Although mountain biking is a great sport to do alone or with friends, it can be pretty confusing to pick up by yourself. Here are some tips to get you riding this summer in Bellingham.
I don't recommend going out and spending two grand on a full suspension mountain bike until you've tried the sport out a bit. If you take to it, you'll eventually want to upgrade to a nicer bike, but beginners can get around simple trails on anything with big tires.
Interurban Trail: The interurban is a 7-mile trail between Fairhaven and Larrabee State Park. You can get on the interurban in downtown Fairhaven or at the Rotary Trailhead on Old Fairhaven Parkway. Most of the trail is smooth sailing on a gravel trail made on an old rail line, but there are two sections for easy mountain biking. The first is called the 100 Acre Woods, which is about a half-mile south of the Rotary Trailhead, behind a metal gate on the right-hand side of the trail, just past where the trail crosses South Ave. 100 Acre Woods is a lot of tight, interwoven trails that all come back to a center area with big dirt jumps.
If you keep on the Interurban, you'll cross Old Samish Highway and enter Arroyo Park, where the trail turns into a single-track climb with a few bridges and small obstacles. After you get to the top, the trail turns back into flat gravel and goes on to Larrabee. This is a great spot for beginners so you can get used to going far on your bike and have a picnic on the beach at the State Park.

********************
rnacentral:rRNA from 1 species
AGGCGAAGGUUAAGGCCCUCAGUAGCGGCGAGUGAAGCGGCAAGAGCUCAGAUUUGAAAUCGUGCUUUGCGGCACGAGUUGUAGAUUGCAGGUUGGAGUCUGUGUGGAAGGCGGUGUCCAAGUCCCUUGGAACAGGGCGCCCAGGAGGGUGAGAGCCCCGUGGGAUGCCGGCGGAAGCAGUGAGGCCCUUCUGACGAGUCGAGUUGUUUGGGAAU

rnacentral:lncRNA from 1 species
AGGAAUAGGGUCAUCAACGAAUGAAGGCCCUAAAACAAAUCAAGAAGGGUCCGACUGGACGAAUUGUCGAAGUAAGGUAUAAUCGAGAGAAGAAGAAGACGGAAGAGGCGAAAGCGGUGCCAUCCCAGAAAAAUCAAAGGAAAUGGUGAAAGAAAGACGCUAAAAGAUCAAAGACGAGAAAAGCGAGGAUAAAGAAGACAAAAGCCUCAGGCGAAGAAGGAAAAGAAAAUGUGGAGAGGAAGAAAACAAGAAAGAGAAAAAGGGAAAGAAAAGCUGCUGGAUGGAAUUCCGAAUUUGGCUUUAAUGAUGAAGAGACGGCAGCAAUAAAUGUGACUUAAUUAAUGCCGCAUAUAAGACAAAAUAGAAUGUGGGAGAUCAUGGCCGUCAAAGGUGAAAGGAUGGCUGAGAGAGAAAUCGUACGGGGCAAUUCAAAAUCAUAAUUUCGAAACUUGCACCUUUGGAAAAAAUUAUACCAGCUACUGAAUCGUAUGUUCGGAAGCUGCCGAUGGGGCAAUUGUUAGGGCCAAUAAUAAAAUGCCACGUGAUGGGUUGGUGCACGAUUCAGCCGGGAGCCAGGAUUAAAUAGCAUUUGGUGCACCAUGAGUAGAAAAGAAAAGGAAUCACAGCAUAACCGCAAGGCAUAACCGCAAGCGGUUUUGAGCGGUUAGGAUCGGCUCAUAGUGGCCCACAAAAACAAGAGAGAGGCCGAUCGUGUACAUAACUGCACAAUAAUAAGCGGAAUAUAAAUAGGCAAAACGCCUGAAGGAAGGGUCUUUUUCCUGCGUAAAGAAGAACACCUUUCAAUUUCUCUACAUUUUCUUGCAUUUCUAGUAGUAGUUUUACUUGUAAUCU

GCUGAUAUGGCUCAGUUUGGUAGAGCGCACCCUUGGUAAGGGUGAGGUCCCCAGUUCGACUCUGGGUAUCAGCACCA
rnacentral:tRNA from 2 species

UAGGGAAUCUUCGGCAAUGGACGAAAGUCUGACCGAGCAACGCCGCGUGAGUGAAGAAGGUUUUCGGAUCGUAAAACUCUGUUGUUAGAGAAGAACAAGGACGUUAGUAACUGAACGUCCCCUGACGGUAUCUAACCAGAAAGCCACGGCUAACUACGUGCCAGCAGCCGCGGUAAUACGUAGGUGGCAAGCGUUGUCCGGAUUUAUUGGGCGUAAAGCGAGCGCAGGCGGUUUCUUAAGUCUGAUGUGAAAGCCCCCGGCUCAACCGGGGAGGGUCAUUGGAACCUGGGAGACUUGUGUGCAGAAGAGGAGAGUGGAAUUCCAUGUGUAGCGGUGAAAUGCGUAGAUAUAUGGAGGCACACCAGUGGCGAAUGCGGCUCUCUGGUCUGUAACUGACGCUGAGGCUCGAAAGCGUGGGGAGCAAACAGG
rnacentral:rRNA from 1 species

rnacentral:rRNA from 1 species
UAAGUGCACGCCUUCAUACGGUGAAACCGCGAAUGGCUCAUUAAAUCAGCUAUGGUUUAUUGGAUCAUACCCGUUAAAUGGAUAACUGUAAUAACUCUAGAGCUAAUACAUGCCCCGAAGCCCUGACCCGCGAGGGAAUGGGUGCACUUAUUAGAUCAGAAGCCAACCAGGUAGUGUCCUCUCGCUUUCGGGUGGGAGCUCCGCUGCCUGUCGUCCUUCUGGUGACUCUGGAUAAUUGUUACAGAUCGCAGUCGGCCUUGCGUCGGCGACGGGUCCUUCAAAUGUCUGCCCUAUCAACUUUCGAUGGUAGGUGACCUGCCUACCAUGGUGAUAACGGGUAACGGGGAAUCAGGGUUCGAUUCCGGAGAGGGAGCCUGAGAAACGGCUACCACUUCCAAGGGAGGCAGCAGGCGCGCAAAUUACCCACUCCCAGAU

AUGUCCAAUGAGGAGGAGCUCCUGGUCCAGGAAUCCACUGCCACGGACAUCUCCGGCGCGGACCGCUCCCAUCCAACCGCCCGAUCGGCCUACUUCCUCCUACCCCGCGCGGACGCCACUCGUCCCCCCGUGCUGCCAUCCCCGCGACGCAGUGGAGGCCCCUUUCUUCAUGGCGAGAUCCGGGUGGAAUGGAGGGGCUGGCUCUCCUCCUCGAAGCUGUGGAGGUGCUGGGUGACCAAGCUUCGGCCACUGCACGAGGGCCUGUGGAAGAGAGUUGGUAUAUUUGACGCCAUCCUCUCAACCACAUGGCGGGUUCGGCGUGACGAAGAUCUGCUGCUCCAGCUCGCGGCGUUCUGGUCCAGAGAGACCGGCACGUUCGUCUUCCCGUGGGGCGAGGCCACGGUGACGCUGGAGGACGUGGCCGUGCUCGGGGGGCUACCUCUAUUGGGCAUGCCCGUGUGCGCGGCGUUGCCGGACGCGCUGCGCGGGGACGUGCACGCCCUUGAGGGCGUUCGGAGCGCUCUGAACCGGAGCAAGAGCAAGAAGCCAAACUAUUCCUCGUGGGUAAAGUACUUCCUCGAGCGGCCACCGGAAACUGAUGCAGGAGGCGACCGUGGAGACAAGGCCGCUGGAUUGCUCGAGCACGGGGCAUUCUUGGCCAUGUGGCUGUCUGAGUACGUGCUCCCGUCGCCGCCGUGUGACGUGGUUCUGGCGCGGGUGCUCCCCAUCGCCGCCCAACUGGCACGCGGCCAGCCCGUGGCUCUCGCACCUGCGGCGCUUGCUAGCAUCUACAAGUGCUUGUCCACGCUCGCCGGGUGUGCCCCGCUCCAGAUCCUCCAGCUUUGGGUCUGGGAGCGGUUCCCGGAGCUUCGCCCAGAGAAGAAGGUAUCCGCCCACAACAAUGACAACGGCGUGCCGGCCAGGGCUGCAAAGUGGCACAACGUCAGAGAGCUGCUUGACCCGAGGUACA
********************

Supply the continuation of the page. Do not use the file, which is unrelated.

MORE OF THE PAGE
Lake Padden: Lake Padden is a lake and park off Samish Way. There's a 2.6 mile double-track loop around the lake, and 5.1 miles of single-track trails on the south and east ends of the lake. I haven't ridden much here, so I recommend downloading a map at www.co.whatcom.wa.us/parks
Galbraith: Once you've got a feel for riding off-road, you'll want to check out Galbraith.
Galbraith Mountain is the place where Bellingham mountain bikers spend most of their time. It's officially called North Lookout Mountain, and is in between Bellingham, Lake Whatcom, and Lake Padden. Most of the land belongs to Trillium Corporation, and the trails are well-maintained by Whatcom Independent Mountain Peddlers (WHIMPs). Galbraith makes top riding lists worldwide, and is considered among the best trails in the state. We're very fortunate this mountain is within riding distance of our city.
The north trail access is within riding distance of Bellingham. Head up Lakeway and turn right on Birch Street, which is just past Whatcom Falls. (Park in the Whatcom Falls parking lot if you're driving.) Ride up the steep Birch St., through a construction site, and you'll see the trail access on the right going up a steep, dirt embankment.
To access Galbraith from the south, head out Samish Way past Lake Padden. Right after the speed limit hits 50, park in the gravel lot on your right. Head up Galbraith Lane across the street.
From here, I really recommend you bring a map. Local cycling shops sell Galbraith maps for $5.95, and there's also a pricier CD-rom available with fancier maps. Some of my favorite beginner runs are Ridge, Intestine, and Cedar Dust.
It can be pretty confusing to go to Galbraith by yourself. I recommend finding a group to ride with at least your first few times. Riding with people who are better than you will help you improve, too, because you'll push yourself harder to keep up with them. I recently joined the AS club Women Riders, which is how I got acquainted with Galbraith over spring quarter.
Group rides for all skill levels are advertised at local cycling shops. Fanatix, for example, organizes regular women's group rides, including intro to riding Galbraith on June 26 and July 31. They list other group rides on their blog at www.fanatikbike.com